Yesterday, it dawned on Andrew and I that we hadn’t seen Debbie over the last week, which is very unusual. Last night around 11:30 PM, we noticed two police officers walking in and out of her house. We got really concerned. Was she doing drugs? Had she died? Finally, Andrew walked over and asked the officers if everything was okay, mentioning that we hadn’t seen Debbie for a few days. “Everything’s fine, there’s no threat,” he responded. “She actually passed away.”

Over the next hour, we waited in shock as a coroner arrived with a body bag and gurney, and Debbie left the house next door for the last time.

I cried and cried and cried.

I had no idea I cared that much about this homely woman from the south. All I could think was, I should have kept the blinds open more. I should have been a better friend. Besides a niece in New Orleans, Debbie didn’t have any family that I know of. She had no job and no church. I could have loved her better. I shouldn’t have let her visits annoy me. I didn’t have to close the blinds as often as I did.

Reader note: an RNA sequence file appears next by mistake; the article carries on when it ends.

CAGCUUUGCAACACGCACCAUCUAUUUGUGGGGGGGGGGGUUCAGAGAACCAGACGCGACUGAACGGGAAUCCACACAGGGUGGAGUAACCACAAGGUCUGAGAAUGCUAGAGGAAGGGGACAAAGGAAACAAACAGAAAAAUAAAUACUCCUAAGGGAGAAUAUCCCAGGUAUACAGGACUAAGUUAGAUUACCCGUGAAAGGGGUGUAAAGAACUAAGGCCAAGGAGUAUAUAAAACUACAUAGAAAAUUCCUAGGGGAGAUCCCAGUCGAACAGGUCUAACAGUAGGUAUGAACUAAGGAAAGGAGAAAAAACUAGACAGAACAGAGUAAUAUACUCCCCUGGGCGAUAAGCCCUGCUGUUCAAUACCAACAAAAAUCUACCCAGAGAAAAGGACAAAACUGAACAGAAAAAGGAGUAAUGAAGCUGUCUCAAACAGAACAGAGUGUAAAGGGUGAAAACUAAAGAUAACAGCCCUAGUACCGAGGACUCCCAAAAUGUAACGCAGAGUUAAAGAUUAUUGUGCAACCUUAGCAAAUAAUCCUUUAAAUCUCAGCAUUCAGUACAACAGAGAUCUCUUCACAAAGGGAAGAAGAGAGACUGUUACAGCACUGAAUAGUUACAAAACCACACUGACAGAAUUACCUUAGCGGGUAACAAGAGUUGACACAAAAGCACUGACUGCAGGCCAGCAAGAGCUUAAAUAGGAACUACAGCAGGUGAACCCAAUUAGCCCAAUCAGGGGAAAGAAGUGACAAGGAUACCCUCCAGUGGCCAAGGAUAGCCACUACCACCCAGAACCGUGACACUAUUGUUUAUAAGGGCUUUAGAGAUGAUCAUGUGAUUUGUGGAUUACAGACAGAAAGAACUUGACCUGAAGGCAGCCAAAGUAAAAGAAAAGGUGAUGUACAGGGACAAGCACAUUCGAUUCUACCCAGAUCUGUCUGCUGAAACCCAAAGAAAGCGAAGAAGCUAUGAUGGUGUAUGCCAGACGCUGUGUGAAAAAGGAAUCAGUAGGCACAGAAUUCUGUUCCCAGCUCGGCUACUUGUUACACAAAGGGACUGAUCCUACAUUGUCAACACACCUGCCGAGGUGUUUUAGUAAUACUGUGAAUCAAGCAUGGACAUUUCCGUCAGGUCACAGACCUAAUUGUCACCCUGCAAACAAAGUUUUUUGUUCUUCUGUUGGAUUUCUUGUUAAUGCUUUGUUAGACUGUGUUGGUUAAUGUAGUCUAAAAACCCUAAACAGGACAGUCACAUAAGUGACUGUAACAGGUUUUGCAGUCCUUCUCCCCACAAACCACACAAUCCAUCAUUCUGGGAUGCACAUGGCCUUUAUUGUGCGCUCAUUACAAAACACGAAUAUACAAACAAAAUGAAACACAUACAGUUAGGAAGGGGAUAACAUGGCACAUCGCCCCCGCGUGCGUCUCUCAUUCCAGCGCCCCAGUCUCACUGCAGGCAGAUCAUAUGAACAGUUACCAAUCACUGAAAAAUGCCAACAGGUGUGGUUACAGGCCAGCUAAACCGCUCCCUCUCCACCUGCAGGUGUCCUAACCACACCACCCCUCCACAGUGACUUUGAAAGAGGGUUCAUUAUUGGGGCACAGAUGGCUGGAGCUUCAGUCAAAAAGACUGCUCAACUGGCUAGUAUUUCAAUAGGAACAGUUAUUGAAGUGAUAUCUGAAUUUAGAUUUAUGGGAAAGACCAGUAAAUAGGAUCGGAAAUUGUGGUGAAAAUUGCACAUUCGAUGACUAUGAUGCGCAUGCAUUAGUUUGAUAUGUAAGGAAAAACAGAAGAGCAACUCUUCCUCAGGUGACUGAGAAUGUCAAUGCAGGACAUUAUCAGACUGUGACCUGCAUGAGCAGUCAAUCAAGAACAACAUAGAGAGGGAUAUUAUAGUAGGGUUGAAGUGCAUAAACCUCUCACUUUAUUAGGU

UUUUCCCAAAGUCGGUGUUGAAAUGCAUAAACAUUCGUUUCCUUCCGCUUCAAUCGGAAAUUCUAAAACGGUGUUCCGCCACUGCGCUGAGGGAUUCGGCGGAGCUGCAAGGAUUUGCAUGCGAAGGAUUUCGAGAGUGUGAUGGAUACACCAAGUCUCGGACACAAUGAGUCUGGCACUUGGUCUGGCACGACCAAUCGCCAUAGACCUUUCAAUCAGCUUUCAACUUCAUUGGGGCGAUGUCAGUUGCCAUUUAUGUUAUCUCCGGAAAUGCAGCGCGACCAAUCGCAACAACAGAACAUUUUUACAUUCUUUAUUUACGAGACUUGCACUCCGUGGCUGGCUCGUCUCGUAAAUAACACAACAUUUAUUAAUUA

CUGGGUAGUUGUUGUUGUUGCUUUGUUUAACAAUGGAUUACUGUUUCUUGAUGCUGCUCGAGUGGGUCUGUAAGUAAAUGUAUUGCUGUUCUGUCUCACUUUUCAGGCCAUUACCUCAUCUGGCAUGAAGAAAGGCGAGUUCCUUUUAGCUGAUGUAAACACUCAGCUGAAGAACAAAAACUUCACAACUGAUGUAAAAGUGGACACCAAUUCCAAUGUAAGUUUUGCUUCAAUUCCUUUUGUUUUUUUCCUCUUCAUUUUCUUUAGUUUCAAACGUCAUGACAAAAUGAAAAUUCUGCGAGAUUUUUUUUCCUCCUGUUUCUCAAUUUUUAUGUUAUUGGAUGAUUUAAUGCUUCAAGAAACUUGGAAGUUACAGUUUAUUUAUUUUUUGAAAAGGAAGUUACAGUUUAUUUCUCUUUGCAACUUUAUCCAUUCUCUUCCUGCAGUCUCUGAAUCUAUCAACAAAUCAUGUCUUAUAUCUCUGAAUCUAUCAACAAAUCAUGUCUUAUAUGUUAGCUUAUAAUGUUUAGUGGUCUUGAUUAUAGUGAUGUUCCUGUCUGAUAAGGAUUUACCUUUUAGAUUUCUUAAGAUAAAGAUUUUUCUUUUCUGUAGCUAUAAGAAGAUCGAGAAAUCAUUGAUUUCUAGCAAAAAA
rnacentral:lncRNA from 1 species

You never know.

I’ve often maintained that we should all be quick to share the gospel in our relationships, and not just rely on “friendship evangelism” to save our acquaintances, because you never know when it will be their last day. Here’s my first real example of that truth. We couldn’t be more relieved and thankful that God gave us both opportunities to witness to Debbie. We are confident that she died knowing what it meant to be saved. Perhaps God rescued her in her last days…we’ll never know.

I guess the moral of this heartbreaking story is, seize chances to share Jesus with the people around you, and love them like He does.  Love them in your actions and in your prayers. Love them so much that you don’t have any regrets if they pass away. I have regrets with Debbie. But thank the Lord one of them is not a failure to share the Good News with her.